Implementing Request-Response Pattern with Channels in Rust

Rust Error Propagation: Exercise-9 with Solution

Write a Rust program to implement a request-response pattern using channels. Create one thread to handle requests and another thread to handle responses. When a request is received, the handler thread processes it and sends a response back through the channel.

Sample Solution:

Rust Code:

use std::sync::{mpsc, Arc, Mutex};
use std::thread;

fn main() {
    // Create channels for communication between request and response handlers
    let (request_sender, request_receiver) = mpsc::channel(); // Create a channel for sending requests
    let (response_sender, response_receiver) = mpsc::channel(); // Create a channel for sending responses
    let response_receiver = Arc::new(Mutex::new(response_receiver)); // Wrap the response receiver in an Arc and a Mutex for safe sharing among threads

    // Spawn a thread to handle requests
    let request_handler = thread::spawn(move || { // Spawn a new thread
        for request in request_receiver { // Iterate over received requests
            // Process the request (e.g., simulate processing time)
            let processed_request = format!("Processed: {}", request);
            // Send the response back through the channel

    // Spawn a thread to handle responses
    let cloned_response_receiver = Arc::clone(&response_receiver); // Clone the Arc to share ownership with the response handler thread
    let response_handler = thread::spawn(move || { // Spawn a new thread
        // Get the inner receiver from the Arc
        let receiver = cloned_response_receiver.lock().unwrap(); // Lock the mutex to access the receiver
        for response in receiver.iter() { // Iterate over received responses
            // Handle the response (e.g., print it)
            println!("Received response: {}", response);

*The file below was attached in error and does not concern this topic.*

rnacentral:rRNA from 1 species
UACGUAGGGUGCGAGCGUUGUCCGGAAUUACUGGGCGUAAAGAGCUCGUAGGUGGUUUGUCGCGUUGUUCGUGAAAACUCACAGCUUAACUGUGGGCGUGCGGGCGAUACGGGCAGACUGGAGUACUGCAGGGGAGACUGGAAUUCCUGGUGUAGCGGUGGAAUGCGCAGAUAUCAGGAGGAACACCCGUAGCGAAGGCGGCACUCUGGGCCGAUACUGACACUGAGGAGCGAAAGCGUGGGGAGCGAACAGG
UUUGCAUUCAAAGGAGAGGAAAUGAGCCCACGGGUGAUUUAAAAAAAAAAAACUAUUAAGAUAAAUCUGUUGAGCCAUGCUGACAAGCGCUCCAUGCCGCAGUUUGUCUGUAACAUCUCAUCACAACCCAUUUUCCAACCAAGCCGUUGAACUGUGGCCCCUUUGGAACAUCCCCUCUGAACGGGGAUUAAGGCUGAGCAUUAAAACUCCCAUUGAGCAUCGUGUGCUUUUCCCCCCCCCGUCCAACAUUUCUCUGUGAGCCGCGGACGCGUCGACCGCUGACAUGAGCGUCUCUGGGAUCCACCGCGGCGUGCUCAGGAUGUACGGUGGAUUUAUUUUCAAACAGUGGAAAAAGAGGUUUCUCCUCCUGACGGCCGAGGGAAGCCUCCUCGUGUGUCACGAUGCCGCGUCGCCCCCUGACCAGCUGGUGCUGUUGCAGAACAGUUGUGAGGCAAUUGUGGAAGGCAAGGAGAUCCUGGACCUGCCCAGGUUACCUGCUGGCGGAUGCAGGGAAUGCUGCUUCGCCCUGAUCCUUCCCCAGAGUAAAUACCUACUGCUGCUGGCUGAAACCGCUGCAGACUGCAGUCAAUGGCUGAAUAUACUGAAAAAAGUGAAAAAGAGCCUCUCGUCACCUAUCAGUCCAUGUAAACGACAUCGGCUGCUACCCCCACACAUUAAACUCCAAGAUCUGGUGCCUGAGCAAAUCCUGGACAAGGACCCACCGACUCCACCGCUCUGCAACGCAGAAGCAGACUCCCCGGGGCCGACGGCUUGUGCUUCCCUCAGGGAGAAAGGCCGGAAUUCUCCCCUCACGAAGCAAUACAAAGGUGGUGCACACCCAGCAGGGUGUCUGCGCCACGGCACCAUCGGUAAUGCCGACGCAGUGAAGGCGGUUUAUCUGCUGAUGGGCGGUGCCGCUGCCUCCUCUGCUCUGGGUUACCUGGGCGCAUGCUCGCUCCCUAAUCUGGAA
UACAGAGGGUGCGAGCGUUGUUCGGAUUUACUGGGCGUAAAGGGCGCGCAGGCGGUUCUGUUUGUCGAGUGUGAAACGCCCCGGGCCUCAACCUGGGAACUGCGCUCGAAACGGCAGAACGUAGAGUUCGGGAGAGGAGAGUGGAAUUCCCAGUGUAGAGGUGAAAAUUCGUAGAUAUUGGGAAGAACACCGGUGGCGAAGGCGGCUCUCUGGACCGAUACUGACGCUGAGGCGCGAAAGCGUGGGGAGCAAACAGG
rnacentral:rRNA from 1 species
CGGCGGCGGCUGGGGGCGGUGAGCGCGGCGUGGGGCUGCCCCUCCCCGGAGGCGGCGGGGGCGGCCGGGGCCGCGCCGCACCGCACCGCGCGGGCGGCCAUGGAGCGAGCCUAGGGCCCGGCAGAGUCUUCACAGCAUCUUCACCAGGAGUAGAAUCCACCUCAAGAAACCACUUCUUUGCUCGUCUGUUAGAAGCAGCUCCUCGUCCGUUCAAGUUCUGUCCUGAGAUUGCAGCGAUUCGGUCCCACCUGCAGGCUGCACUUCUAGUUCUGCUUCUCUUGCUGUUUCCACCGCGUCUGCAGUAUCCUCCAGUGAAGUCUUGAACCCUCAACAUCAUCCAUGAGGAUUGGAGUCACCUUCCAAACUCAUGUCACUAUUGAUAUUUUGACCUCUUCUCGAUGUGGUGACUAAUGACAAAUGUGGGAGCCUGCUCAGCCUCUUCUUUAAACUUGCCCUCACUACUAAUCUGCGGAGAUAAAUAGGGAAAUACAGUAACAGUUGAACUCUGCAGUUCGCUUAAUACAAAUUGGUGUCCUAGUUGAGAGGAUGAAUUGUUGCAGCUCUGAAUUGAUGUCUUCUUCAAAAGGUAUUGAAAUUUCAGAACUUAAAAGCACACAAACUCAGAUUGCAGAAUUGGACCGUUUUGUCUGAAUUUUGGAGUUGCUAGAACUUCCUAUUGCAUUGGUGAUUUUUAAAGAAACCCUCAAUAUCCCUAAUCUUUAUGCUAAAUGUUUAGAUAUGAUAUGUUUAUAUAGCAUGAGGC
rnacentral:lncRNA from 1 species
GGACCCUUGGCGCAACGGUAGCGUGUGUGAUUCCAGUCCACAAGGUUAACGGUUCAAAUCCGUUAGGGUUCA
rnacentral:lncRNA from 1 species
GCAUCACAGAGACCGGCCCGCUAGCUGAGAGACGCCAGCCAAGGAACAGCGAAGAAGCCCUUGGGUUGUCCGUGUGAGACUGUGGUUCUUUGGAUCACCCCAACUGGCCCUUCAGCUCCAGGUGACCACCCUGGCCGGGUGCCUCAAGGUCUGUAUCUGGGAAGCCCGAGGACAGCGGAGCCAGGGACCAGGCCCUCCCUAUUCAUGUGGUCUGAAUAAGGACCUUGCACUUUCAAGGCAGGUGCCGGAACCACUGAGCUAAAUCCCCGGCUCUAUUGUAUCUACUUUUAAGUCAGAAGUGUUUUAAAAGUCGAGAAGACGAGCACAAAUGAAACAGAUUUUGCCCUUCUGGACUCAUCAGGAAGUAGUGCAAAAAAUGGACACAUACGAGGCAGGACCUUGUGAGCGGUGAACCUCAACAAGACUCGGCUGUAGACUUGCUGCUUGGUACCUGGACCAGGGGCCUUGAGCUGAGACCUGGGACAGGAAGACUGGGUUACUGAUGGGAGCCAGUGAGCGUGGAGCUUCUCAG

// Simulate sending requests
    for i in 0..5 {
        // Send a request through the channel
        // Receive the response
        let response = response_receiver.lock().unwrap().recv().unwrap();
        // Print the received response
        println!("Received response to request {}: {}", i, response);

    // Wait for request and response handler threads to finish


Received response to request 0: Processed: 0
Received response to request 1: Processed: 1
Received response to request 2: Processed: 2
Received response to request 3: Processed: 3
Received response to request 4: Processed: 4


In the exercise above,

  • Two channels are created: 'request_sender' and 'request_receiver' for handling requests, and 'response_sender' and 'response_receiver' for handling responses. The 'response_receiver' is wrapped in an 'Arc' and a 'Mutex' for safe sharing among threads.
  • A thread is spawned to handle requests ('request_handler'). It listens for requests from the 'request_receiver', processes them (e.g., simulates processing time), and sends back the responses through the 'response_sender'.
  • Another thread is spawned to handle responses ('response_handler'). It locks the 'response_receiver' mutex, iterates over received responses, and handles them (e.g., prints them).
  • The main thread simulates sending requests by iterating over a range of values. For each value, it sends a request through the 'request_sender', waits for the response by receiving it from the 'response_receiver', and prints the received response.
  • Finally, the main thread waits for both the request and response handler threads to finish using "join()".

Rust Code Editor:

Previous: Demonstrating Buffered Channels in Rust.

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